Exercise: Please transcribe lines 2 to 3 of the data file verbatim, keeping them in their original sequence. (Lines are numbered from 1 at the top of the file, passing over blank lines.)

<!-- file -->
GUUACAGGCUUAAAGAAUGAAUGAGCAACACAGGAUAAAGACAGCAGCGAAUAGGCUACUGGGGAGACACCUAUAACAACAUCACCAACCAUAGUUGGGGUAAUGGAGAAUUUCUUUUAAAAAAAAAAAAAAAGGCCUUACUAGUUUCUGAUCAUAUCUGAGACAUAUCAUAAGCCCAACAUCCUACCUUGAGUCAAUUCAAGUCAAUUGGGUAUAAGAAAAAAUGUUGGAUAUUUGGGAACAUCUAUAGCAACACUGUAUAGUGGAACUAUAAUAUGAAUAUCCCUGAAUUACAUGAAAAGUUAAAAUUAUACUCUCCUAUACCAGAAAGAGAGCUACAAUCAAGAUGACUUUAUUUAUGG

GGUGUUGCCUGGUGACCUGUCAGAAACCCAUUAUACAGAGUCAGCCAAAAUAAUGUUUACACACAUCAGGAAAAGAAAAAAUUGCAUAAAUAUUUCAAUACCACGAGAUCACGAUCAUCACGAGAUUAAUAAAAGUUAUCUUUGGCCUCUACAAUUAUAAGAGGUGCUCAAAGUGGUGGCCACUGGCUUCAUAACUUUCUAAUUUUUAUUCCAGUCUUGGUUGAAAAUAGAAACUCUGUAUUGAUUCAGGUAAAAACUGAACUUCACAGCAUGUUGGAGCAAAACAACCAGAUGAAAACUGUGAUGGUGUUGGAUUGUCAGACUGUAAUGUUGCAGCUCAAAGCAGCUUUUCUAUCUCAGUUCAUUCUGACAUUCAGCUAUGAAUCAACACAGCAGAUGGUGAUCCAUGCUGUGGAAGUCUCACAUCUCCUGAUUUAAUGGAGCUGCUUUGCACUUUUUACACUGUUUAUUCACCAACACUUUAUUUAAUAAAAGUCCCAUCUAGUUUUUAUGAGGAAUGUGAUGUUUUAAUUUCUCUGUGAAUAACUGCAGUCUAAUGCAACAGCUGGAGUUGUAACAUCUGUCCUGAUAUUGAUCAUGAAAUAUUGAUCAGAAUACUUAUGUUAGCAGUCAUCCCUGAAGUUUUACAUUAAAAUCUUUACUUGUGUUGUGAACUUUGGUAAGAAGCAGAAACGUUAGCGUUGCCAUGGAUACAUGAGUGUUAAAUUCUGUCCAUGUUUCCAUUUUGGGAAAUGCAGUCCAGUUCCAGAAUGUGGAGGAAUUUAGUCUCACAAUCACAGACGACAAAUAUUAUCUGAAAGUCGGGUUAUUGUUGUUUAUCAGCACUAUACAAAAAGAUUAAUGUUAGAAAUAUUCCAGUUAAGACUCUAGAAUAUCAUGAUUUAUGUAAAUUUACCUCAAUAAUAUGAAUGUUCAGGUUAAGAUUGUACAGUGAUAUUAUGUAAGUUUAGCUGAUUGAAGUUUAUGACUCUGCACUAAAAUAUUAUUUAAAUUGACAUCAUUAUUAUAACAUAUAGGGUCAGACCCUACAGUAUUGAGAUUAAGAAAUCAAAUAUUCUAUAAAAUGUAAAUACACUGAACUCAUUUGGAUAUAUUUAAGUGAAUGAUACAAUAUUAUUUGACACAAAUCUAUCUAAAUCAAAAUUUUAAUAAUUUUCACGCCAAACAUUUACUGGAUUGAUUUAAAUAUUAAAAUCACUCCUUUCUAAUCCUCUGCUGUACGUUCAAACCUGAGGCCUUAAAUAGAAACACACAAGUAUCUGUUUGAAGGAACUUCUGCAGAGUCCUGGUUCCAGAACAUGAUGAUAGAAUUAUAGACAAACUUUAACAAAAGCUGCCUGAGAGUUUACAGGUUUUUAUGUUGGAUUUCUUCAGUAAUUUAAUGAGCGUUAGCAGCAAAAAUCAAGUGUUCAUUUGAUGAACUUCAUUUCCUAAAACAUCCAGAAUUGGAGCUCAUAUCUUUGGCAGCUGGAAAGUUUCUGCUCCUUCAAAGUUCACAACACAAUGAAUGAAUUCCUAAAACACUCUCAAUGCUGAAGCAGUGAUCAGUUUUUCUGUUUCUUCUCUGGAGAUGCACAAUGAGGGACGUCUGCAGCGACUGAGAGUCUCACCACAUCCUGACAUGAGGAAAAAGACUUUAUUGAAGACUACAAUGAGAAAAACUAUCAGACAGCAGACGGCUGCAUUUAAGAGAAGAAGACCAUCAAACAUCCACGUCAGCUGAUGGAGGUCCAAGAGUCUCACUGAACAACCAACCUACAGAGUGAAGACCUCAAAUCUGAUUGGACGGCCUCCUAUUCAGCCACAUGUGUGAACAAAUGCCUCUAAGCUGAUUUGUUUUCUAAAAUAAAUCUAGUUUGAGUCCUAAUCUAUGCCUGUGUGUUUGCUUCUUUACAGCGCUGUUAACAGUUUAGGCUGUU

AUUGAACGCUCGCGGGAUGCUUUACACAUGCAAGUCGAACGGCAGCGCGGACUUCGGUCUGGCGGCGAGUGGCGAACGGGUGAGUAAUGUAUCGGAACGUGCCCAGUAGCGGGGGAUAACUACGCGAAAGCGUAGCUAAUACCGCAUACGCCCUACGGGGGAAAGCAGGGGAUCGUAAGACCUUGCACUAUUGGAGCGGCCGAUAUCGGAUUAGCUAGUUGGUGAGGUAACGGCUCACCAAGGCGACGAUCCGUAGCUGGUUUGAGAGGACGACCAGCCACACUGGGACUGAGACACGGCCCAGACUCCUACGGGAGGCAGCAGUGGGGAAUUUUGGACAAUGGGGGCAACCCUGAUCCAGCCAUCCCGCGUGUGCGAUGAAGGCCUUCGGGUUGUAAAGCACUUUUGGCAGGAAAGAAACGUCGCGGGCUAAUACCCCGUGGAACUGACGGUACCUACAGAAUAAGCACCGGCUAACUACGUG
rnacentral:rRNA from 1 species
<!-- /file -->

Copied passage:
GGUGUUGCCUGGUGACCUGUCAGAAACCCAUUAUACAGAGUCAGCCAAAAUAAUGUUUACACACAUCAGGAAAAGAAAAAAUUGCAUAAAUAUUUCAAUACCACGAGAUCACGAUCAUCACGAGAUUAAUAAAAGUUAUCUUUGGCCUCUACAAUUAUAAGAGGUGCUCAAAGUGGUGGCCACUGGCUUCAUAACUUUCUAAUUUUUAUUCCAGUCUUGGUUGAAAAUAGAAACUCUGUAUUGAUUCAGGUAAAAACUGAACUUCACAGCAUGUUGGAGCAAAACAACCAGAUGAAAACUGUGAUGGUGUUGGAUUGUCAGACUGUAAUGUUGCAGCUCAAAGCAGCUUUUCUAUCUCAGUUCAUUCUGACAUUCAGCUAUGAAUCAACACAGCAGAUGGUGAUCCAUGCUGUGGAAGUCUCACAUCUCCUGAUUUAAUGGAGCUGCUUUGCACUUUUUACACUGUUUAUUCACCAACACUUUAUUUAAUAAAAGUCCCAUCUAGUUUUUAUGAGGAAUGUGAUGUUUUAAUUUCUCUGUGAAUAACUGCAGUCUAAUGCAACAGCUGGAGUUGUAACAUCUGUCCUGAUAUUGAUCAUGAAAUAUUGAUCAGAAUACUUAUGUUAGCAGUCAUCCCUGAAGUUUUACAUUAAAAUCUUUACUUGUGUUGUGAACUUUGGUAAGAAGCAGAAACGUUAGCGUUGCCAUGGAUACAUGAGUGUUAAAUUCUGUCCAUGUUUCCAUUUUGGGAAAUGCAGUCCAGUUCCAGAAUGUGGAGGAAUUUAGUCUCACAAUCACAGACGACAAAUAUUAUCUGAAAGUCGGGUUAUUGUUGUUUAUCAGCACUAUACAAAAAGAUUAAUGUUAGAAAUAUUCCAGUUAAGACUCUAGAAUAUCAUGAUUUAUGUAAAUUUACCUCAAUAAUAUGAAUGUUCAGGUUAAGAUUGUACAGUGAUAUUAUGUAAGUUUAGCUGAUUGAAGUUUAUGACUCUGCACUAAAAUAUUAUUUAAAUUGACAUCAUUAUUAUAACAUAUAGGGUCAGACCCUACAGUAUUGAGAUUAAGAAAUCAAAUAUUCUAUAAAAUGUAAAUACACUGAACUCAUUUGGAUAUAUUUAAGUGAAUGAUACAAUAUUAUUUGACACAAAUCUAUCUAAAUCAAAAUUUUAAUAAUUUUCACGCCAAACAUUUACUGGAUUGAUUUAAAUAUUAAAAUCACUCCUUUCUAAUCCUCUGCUGUACGUUCAAACCUGAGGCCUUAAAUAGAAACACACAAGUAUCUGUUUGAAGGAACUUCUGCAGAGUCCUGGUUCCAGAACAUGAUGAUAGAAUUAUAGACAAACUUUAACAAAAGCUGCCUGAGAGUUUACAGGUUUUUAUGUUGGAUUUCUUCAGUAAUUUAAUGAGCGUUAGCAGCAAAAAUCAAGUGUUCAUUUGAUGAACUUCAUUUCCUAAAACAUCCAGAAUUGGAGCUCAUAUCUUUGGCAGCUGGAAAGUUUCUGCUCCUUCAAAGUUCACAACACAAUGAAUGAAUUCCUAAAACACUCUCAAUGCUGAAGCAGUGAUCAGUUUUUCUGUUUCUUCUCUGGAGAUGCACAAUGAGGGACGUCUGCAGCGACUGAGAGUCUCACCACAUCCUGACAUGAGGAAAAAGACUUUAUUGAAGACUACAAUGAGAAAAACUAUCAGACAGCAGACGGCUGCAUUUAAGAGAAGAAGACCAUCAAACAUCCACGUCAGCUGAUGGAGGUCCAAGAGUCUCACUGAACAACCAACCUACAGAGUGAAGACCUCAAAUCUGAUUGGACGGCCUCCUAUUCAGCCACAUGUGUGAACAAAUGCCUCUAAGCUGAUUUGUUUUCUAAAAUAAAUCUAGUUUGAGUCCUAAUCUAUGCCUGUGUGUUUGCUUCUUUACAGCGCUGUUAACAGUUUAGGCUGUU

AUUGAACGCUCGCGGGAUGCUUUACACAUGCAAGUCGAACGGCAGCGCGGACUUCGGUCUGGCGGCGAGUGGCGAACGGGUGAGUAAUGUAUCGGAACGUGCCCAGUAGCGGGGGAUAACUACGCGAAAGCGUAGCUAAUACCGCAUACGCCCUACGGGGGAAAGCAGGGGAUCGUAAGACCUUGCACUAUUGGAGCGGCCGAUAUCGGAUUAGCUAGUUGGUGAGGUAACGGCUCACCAAGGCGACGAUCCGUAGCUGGUUUGAGAGGACGACCAGCCACACUGGGACUGAGACACGGCCCAGACUCCUACGGGAGGCAGCAGUGGGGAAUUUUGGACAAUGGGGGCAACCCUGAUCCAGCCAUCCCGCGUGUGCGAUGAAGGCCUUCGGGUUGUAAAGCACUUUUGGCAGGAAAGAAACGUCGCGGGCUAAUACCCCGUGGAACUGACGGUACCUACAGAAUAAGCACCGGCUAACUACGUG